I sometimes feel guilty, nervous to step inside their sandbox.  I feel like I’m trespassing, like I’m ruining sacred ground.  Maybe, I am, and sometimes, I jump out.  But I don’t stray too far away.  I remain tracing their edge, gingerly stepping inside, and feeling the sand against my foot.  Nobody’s chased me out yet, so I begin to play, to write, to build my sand castle.  After a little while, I don’t care anymore.  I’m having fun, and that is what a sandbox is for.  Fun.

I dive deep into the darkness, BlackOut, struggling to remain Almost Human.  I slowly resurface.  Time to commence Project Echo and escape from Under The Dome.  A little Touch of Winter, but I love my villains and Heroes.  There will be No More Tomorrows.  I am The Unknown Rider traveling forbidden roads.  Lives and tales ignite and fire through Resurrection, and my fingers dive deep into cool, golden sand, writing The Diary of the Returned.  And “I'm in heaven.  And my heart beats so that I can hardly speak.  And I seem to find the happiness I seek,” but it’s a happiness that I know that I cannot keep.

At the end of the day, my fan fiction stories come to a close.  Shadows of its remains linger across the now cold, dark sand.  Their lives and journey fall into lines dug deep, maybe to disappear forever, but the sand castles will remain.  I pack the sand in real tight, making sure that for a time, they too will stand high and majestic, and nightfall is the red curtain falling down.  And I too fade into the black, a ghost looking for new ground to haunt, and that is the beauty of Fan Fiction, to exist in a world filled to the brim with inspiration. But sadly, that thrill ride stops here at the edge of their sandbox.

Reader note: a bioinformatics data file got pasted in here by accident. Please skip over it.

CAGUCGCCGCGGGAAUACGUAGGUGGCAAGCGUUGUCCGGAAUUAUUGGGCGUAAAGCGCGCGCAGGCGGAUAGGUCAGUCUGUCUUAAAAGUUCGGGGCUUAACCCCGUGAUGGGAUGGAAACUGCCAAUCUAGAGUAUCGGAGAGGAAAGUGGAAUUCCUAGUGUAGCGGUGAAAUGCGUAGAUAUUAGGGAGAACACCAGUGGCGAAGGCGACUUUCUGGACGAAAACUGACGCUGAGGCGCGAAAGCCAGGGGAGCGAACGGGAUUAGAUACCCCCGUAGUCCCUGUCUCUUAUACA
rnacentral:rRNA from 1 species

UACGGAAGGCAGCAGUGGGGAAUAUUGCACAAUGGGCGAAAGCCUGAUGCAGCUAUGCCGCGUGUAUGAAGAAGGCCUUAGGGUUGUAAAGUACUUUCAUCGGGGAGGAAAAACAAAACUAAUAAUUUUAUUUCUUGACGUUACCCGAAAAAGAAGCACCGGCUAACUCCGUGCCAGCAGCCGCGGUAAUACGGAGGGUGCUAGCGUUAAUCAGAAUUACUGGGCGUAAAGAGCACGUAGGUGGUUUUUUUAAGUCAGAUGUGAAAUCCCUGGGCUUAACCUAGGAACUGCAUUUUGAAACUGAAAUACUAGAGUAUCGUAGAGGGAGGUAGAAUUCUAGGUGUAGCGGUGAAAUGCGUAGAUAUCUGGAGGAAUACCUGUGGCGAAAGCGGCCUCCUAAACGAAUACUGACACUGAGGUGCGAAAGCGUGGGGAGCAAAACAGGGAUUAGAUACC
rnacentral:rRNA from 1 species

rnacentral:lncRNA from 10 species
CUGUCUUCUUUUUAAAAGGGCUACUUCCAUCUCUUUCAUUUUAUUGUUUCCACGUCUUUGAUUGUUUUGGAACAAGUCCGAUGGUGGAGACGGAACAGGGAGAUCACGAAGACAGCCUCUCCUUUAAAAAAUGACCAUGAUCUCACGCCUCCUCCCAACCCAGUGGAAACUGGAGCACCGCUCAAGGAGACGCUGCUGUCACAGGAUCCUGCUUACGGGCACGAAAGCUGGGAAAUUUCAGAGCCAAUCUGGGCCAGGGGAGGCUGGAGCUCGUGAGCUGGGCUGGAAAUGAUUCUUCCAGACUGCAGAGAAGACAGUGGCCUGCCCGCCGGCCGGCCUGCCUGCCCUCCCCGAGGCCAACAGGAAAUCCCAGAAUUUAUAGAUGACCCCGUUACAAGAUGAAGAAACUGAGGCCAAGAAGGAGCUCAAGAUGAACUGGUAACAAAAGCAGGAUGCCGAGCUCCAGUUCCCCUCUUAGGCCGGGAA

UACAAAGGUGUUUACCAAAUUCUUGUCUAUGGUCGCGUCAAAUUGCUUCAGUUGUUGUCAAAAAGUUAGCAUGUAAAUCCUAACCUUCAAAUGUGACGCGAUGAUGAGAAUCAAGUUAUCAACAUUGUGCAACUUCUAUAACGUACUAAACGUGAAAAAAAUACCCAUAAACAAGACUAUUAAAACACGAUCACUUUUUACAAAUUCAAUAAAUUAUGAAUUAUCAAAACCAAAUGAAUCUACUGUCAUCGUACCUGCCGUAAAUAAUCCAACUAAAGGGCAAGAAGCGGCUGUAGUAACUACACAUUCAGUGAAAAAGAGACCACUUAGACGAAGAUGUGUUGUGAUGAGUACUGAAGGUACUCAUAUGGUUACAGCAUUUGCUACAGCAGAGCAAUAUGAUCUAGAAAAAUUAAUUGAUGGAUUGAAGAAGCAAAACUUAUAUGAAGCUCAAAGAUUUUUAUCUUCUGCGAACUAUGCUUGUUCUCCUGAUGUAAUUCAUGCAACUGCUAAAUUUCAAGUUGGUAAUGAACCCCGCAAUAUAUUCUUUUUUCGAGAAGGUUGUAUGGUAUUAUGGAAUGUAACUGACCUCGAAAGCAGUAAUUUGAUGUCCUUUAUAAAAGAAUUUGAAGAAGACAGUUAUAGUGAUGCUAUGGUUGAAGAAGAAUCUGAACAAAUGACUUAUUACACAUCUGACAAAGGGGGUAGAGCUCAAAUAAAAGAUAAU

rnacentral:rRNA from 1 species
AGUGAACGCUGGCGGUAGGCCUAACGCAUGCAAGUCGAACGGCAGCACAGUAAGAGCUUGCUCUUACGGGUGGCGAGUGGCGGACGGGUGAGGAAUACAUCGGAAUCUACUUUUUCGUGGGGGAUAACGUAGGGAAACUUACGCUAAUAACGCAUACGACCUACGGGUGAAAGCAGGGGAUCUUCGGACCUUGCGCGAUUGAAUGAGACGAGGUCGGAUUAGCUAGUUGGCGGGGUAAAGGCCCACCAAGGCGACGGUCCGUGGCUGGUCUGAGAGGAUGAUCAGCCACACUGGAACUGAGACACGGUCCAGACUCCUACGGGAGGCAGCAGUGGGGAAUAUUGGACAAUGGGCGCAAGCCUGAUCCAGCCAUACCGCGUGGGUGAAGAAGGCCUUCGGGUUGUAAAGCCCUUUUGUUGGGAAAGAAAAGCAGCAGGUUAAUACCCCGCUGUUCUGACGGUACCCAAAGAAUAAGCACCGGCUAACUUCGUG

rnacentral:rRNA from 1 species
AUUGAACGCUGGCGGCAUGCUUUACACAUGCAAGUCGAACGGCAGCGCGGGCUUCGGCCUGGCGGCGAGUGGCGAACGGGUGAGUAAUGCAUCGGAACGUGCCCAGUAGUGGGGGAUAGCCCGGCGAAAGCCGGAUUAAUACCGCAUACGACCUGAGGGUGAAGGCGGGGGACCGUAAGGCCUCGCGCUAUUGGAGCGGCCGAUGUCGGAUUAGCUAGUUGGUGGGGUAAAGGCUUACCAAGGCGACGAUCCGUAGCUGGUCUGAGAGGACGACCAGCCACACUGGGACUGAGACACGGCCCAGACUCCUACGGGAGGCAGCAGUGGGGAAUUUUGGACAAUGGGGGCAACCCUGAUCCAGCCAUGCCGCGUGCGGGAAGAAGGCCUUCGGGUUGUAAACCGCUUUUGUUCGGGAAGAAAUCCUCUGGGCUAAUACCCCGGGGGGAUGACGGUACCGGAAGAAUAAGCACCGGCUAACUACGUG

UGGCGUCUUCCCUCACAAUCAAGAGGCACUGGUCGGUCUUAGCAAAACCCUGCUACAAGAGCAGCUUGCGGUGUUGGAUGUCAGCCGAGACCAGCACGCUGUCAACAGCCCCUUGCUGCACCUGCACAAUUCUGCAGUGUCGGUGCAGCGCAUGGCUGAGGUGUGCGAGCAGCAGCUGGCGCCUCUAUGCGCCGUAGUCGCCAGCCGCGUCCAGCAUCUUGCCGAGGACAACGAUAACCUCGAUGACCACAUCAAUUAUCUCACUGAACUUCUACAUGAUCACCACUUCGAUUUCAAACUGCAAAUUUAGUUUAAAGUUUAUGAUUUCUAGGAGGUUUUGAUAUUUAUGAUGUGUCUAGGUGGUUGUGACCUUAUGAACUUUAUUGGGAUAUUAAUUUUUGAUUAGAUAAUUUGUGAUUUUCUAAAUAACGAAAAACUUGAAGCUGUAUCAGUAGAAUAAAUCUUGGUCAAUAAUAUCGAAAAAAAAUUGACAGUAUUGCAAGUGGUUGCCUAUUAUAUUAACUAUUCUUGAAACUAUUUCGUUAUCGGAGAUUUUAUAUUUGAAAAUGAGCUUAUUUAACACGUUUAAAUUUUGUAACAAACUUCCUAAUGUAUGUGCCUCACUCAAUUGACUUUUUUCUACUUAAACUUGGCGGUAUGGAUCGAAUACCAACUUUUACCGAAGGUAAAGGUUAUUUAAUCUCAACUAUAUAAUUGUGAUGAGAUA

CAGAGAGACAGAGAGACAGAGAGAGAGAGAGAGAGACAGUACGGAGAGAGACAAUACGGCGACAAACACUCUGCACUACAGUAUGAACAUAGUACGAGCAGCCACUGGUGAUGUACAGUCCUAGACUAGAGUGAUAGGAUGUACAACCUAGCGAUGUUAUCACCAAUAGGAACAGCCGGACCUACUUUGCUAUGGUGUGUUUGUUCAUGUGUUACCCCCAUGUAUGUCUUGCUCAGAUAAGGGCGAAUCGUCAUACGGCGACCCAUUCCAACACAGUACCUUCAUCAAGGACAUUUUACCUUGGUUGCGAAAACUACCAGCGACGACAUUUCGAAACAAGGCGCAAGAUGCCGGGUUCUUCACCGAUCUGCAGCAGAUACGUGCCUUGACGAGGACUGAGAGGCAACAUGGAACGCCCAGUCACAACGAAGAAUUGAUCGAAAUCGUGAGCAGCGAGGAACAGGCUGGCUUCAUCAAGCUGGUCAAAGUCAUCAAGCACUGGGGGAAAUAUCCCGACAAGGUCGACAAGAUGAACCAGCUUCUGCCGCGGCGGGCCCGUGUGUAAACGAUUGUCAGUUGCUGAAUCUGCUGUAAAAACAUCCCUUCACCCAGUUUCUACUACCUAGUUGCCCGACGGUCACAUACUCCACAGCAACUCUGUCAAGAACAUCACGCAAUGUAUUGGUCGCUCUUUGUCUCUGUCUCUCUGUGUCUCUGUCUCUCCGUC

Sunday, April 19, 2015

Book Review: Fifteen Digits by Nick Santora

Book Review: Fifteen Digits by Nick Santora
by, Melissa R. Mendelson

“I’m going to give you an opportunity: get out of this.  Now.  Before it gets so fucked up nobody could ever recover.” - Charlie Barret, (Suicide Kings, 1997)

They were out.  He thought they were out.  All cards on the table except one, Spade now staring daggers at them, but they were a unified front, formidable in decision and determination.  They all got what they want.  Freedom.  Love.  Disney World.  They were riding it high from rising below, basement level, and nothing was going to bring them down.  But Suicide Kings are wild, and the Vegas high crashed and burned.